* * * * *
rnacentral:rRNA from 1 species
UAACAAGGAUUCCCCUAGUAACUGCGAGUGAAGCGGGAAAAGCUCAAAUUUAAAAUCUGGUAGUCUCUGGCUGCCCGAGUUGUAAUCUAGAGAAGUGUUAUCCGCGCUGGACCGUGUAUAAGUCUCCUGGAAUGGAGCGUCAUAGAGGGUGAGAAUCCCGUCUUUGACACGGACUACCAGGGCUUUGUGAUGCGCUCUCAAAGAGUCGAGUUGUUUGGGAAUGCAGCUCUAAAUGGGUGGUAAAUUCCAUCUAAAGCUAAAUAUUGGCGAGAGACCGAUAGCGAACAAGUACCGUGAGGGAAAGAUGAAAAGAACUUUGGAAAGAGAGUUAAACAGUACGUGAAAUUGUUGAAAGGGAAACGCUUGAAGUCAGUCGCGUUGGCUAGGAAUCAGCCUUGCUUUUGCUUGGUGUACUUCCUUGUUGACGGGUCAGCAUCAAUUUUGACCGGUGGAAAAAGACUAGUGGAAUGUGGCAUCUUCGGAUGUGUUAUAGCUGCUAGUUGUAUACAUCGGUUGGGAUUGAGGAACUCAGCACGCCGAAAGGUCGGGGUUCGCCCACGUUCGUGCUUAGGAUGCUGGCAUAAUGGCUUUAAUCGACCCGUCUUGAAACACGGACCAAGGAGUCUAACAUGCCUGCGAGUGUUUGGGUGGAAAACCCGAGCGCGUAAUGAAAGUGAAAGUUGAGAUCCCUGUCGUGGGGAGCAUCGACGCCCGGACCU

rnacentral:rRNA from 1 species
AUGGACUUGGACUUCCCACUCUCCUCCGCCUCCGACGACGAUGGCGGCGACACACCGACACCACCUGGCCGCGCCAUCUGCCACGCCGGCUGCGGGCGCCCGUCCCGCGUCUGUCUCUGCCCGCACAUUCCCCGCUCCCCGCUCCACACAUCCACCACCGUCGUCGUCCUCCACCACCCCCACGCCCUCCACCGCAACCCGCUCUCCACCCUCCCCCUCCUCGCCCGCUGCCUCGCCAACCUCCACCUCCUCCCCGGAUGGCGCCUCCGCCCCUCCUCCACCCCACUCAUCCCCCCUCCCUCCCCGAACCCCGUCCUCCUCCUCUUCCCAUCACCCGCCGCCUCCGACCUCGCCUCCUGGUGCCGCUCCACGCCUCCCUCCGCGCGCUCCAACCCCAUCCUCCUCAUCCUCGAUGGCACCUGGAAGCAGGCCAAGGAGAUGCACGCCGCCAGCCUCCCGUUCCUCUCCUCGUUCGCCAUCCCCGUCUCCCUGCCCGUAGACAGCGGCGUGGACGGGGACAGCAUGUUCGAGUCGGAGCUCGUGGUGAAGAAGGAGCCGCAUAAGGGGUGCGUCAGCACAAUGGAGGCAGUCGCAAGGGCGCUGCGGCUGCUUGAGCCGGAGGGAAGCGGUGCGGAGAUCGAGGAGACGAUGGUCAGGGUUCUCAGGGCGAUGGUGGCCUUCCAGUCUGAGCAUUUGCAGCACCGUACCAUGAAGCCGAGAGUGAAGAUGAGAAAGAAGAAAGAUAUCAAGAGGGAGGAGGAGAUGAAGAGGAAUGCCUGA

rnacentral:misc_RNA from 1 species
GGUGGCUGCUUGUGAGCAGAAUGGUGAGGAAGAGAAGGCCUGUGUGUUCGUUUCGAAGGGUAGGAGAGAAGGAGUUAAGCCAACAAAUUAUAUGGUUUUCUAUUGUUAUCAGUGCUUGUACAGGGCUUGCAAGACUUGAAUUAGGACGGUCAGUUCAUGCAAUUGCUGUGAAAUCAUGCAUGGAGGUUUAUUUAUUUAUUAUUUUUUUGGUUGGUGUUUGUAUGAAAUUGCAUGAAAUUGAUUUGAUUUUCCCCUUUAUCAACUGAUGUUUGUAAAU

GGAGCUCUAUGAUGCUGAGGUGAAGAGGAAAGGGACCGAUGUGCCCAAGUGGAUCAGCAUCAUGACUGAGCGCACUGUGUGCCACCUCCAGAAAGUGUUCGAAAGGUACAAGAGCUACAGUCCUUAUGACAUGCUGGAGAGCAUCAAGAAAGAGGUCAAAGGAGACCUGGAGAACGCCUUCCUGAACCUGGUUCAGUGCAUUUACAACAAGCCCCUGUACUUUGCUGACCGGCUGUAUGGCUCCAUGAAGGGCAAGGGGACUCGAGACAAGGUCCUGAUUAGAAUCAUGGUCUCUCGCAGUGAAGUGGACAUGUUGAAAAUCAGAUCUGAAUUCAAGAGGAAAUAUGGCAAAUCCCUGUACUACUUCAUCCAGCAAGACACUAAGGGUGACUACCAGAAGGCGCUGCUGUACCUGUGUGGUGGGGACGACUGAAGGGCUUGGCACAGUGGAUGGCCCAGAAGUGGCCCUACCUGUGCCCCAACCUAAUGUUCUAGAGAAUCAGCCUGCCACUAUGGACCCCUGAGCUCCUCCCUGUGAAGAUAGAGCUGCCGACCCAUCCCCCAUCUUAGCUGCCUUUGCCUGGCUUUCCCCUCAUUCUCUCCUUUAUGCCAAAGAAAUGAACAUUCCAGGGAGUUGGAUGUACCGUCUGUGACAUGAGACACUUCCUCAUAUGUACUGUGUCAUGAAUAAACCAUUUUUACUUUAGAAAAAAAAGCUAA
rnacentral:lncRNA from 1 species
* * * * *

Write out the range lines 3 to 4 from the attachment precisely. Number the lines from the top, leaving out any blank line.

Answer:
rnacentral:rRNA from 1 species
AUGGACUUGGACUUCCCACUCUCCUCCGCCUCCGACGACGAUGGCGGCGACACACCGACACCACCUGGCCGCGCCAUCUGCCACGCCGGCUGCGGGCGCCCGUCCCGCGUCUGUCUCUGCCCGCACAUUCCCCGCUCCCCGCUCCACACAUCCACCACCGUCGUCGUCCUCCACCACCCCCACGCCCUCCACCGCAACCCGCUCUCCACCCUCCCCCUCCUCGCCCGCUGCCUCGCCAACCUCCACCUCCUCCCCGGAUGGCGCCUCCGCCCCUCCUCCACCCCACUCAUCCCCCCUCCCUCCCCGAACCCCGUCCUCCUCCUCUUCCCAUCACCCGCCGCCUCCGACCUCGCCUCCUGGUGCCGCUCCACGCCUCCCUCCGCGCGCUCCAACCCCAUCCUCCUCAUCCUCGAUGGCACCUGGAAGCAGGCCAAGGAGAUGCACGCCGCCAGCCUCCCGUUCCUCUCCUCGUUCGCCAUCCCCGUCUCCCUGCCCGUAGACAGCGGCGUGGACGGGGACAGCAUGUUCGAGUCGGAGCUCGUGGUGAAGAAGGAGCCGCAUAAGGGGUGCGUCAGCACAAUGGAGGCAGUCGCAAGGGCGCUGCGGCUGCUUGAGCCGGAGGGAAGCGGUGCGGAGAUCGAGGAGACGAUGGUCAGGGUUCUCAGGGCGAUGGUGGCCUUCCAGUCUGAGCAUUUGCAGCACCGUACCAUGAAGCCGAGAGUGAAGAUGAGAAAGAAGAAAGAUAUCAAGAGGGAGGAGGAGAUGAAGAGGAAUGCCUGA